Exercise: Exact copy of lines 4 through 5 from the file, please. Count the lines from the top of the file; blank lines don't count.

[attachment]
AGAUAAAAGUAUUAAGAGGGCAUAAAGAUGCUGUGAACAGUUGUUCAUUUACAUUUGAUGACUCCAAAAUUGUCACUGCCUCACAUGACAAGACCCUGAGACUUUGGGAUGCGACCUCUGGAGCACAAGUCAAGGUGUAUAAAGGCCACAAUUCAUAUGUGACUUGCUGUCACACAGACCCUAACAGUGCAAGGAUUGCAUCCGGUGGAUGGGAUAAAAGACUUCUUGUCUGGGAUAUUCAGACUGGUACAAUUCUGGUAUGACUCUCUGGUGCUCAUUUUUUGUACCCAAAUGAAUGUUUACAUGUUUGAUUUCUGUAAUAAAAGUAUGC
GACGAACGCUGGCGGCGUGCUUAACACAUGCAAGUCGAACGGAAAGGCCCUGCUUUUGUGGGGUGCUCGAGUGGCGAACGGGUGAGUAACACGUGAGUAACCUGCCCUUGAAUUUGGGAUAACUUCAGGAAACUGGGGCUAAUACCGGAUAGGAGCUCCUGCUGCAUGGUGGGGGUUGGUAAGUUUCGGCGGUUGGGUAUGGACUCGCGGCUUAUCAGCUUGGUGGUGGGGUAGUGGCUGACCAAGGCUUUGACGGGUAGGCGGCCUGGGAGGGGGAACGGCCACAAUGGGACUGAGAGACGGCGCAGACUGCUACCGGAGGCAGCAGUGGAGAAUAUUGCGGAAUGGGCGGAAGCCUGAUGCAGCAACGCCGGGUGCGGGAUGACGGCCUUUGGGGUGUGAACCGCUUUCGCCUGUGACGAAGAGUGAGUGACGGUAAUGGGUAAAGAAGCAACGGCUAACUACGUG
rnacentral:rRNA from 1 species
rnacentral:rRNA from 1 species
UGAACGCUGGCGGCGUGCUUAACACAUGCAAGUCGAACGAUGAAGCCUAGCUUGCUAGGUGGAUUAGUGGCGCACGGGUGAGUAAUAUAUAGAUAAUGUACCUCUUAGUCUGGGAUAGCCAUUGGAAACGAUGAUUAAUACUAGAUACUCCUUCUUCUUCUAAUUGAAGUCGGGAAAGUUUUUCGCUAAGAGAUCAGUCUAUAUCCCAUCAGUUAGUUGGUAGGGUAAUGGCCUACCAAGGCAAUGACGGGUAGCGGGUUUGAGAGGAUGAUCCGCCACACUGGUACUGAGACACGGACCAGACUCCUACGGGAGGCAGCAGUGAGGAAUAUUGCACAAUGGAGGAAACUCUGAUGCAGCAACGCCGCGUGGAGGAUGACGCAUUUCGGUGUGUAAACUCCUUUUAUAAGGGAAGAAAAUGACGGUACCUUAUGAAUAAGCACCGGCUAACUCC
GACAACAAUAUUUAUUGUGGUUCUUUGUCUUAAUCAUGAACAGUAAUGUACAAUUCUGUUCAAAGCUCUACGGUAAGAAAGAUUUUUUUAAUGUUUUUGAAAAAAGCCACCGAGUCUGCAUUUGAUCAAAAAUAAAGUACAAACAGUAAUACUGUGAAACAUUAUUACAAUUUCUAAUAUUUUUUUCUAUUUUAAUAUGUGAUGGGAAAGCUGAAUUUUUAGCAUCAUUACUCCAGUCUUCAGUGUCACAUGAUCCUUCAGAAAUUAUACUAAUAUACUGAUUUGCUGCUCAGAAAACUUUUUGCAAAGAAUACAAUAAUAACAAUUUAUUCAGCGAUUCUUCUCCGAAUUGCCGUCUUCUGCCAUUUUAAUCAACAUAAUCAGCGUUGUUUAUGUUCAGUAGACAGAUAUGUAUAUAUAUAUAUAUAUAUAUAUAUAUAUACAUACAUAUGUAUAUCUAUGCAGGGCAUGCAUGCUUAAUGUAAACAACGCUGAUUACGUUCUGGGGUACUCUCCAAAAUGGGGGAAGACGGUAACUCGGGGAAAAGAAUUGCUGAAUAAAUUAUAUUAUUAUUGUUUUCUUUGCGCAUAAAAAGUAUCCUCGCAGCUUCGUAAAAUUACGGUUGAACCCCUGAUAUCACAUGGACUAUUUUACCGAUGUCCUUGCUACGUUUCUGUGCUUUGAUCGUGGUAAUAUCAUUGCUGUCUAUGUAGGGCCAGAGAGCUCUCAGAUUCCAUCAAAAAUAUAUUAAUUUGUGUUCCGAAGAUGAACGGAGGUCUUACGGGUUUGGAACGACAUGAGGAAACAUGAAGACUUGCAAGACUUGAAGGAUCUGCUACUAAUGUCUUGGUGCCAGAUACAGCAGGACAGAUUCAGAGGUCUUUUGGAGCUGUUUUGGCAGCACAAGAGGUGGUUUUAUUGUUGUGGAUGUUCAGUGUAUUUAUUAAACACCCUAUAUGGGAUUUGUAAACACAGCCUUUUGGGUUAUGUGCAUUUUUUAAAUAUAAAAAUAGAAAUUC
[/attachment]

rnacentral:rRNA from 1 species
UGAACGCUGGCGGCGUGCUUAACACAUGCAAGUCGAACGAUGAAGCCUAGCUUGCUAGGUGGAUUAGUGGCGCACGGGUGAGUAAUAUAUAGAUAAUGUACCUCUUAGUCUGGGAUAGCCAUUGGAAACGAUGAUUAAUACUAGAUACUCCUUCUUCUUCUAAUUGAAGUCGGGAAAGUUUUUCGCUAAGAGAUCAGUCUAUAUCCCAUCAGUUAGUUGGUAGGGUAAUGGCCUACCAAGGCAAUGACGGGUAGCGGGUUUGAGAGGAUGAUCCGCCACACUGGUACUGAGACACGGACCAGACUCCUACGGGAGGCAGCAGUGAGGAAUAUUGCACAAUGGAGGAAACUCUGAUGCAGCAACGCCGCGUGGAGGAUGACGCAUUUCGGUGUGUAAACUCCUUUUAUAAGGGAAGAAAAUGACGGUACCUUAUGAAUAAGCACCGGCUAACUCC